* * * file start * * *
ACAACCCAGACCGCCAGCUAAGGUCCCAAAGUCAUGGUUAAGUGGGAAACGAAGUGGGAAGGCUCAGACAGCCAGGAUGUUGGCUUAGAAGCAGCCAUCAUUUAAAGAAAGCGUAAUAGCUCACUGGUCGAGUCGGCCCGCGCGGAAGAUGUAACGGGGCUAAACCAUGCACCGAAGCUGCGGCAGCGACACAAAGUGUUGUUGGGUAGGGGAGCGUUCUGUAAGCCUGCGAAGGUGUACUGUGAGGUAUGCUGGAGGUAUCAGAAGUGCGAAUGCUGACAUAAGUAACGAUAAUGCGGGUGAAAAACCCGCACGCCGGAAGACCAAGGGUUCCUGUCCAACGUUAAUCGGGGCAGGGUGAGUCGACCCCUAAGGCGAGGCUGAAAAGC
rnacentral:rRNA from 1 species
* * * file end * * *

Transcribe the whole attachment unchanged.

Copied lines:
ACAACCCAGACCGCCAGCUAAGGUCCCAAAGUCAUGGUUAAGUGGGAAACGAAGUGGGAAGGCUCAGACAGCCAGGAUGUUGGCUUAGAAGCAGCCAUCAUUUAAAGAAAGCGUAAUAGCUCACUGGUCGAGUCGGCCCGCGCGGAAGAUGUAACGGGGCUAAACCAUGCACCGAAGCUGCGGCAGCGACACAAAGUGUUGUUGGGUAGGGGAGCGUUCUGUAAGCCUGCGAAGGUGUACUGUGAGGUAUGCUGGAGGUAUCAGAAGUGCGAAUGCUGACAUAAGUAACGAUAAUGCGGGUGAAAAACCCGCACGCCGGAAGACCAAGGGUUCCUGUCCAACGUUAAUCGGGGCAGGGUGAGUCGACCCCUAAGGCGAGGCUGAAAAGC
rnacentral:rRNA from 1 species